This is part two of my experiment looking at two different Middle English poets translating a brief seasonal description from Guido of Colonna’s thirteenth-century Latin prose account of the history of the destruction of Troy: ‘the month of May was adorning the fields of the country with various flowers, and the trees, growing green with new leaves, were giving promise of fruits to come by the profusion of their blossoms…’ (trans. Meek). Part one explored John Clerk’s version in the Gest Hystoriale of the Destruction of Troy. Scroll down to find John Lydgate’s version (with a Modern English translation) of the same description of May in his Troy Book.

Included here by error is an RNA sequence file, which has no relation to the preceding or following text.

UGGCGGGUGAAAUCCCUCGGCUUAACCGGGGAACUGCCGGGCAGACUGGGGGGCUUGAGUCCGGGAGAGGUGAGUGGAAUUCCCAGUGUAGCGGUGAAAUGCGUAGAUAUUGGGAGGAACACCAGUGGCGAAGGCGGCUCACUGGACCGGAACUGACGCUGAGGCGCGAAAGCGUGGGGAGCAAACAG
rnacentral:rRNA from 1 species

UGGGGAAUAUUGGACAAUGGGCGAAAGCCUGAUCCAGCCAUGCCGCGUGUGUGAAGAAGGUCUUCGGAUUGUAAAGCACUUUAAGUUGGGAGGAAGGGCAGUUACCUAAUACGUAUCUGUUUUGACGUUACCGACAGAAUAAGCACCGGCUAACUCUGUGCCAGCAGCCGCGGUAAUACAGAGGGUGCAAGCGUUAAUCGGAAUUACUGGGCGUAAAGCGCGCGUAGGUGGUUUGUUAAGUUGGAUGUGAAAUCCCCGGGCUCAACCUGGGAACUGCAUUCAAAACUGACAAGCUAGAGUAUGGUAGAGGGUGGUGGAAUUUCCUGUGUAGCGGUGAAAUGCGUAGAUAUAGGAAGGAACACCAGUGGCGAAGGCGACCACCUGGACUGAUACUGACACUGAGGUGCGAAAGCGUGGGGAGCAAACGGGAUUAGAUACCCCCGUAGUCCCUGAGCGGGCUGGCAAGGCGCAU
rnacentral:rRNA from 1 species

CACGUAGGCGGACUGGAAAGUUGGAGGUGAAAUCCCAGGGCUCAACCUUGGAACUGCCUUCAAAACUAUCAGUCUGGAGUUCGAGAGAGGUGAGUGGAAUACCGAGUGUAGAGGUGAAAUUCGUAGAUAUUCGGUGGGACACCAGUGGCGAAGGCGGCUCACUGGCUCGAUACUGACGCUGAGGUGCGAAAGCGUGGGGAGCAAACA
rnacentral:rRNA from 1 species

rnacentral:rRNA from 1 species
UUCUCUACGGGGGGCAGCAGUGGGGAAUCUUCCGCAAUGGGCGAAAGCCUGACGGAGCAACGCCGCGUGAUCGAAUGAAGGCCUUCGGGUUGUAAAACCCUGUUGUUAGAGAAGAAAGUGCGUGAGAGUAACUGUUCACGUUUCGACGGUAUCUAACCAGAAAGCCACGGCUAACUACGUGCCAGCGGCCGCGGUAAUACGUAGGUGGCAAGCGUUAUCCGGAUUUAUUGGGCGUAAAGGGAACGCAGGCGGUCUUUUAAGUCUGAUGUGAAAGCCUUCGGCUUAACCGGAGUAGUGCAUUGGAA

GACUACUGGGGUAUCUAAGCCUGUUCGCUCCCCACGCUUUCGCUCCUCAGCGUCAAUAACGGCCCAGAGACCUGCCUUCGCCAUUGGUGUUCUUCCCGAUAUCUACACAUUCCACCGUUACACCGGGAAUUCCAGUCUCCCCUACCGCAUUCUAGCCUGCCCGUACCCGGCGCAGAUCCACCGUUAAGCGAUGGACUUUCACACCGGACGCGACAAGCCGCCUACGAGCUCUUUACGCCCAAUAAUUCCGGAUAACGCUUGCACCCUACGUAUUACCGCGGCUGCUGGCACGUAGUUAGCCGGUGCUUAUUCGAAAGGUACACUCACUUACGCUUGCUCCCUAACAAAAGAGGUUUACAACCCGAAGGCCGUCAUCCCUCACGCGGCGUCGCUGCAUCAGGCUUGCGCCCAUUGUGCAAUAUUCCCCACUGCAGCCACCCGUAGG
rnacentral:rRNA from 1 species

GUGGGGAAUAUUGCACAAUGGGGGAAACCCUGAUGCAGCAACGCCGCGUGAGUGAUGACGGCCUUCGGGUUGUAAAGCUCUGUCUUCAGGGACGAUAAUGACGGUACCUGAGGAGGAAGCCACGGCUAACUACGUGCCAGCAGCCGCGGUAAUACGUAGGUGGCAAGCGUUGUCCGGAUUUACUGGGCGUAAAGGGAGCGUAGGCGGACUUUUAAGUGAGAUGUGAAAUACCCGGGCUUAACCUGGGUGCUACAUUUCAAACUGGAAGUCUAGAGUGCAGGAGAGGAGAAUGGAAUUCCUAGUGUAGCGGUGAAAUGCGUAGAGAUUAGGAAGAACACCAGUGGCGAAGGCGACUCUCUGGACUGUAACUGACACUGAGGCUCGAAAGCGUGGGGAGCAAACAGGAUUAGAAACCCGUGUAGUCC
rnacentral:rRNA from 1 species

This week’s selection at least manages to be topical: some descriptions of May and Spring (for more lovely descriptions, see the Clerk of Oxford’s post). This is a little test-post for an idea I had about looking at various verse translations of the same source text in order to focus on poetic praxis. Guido of Colonna’s thirteenth-century Latin prose account of the history of the destruction of Troy was translated several times into Middle English poetry: into alliterative verse by John Clerk of Whalley (now called the Gest Hystoriale of the Destruction of Troy), into four-stress couplets (now called the Laud Troy Book), and into decasyllabic couplets by John Lydgate in his Troy Book.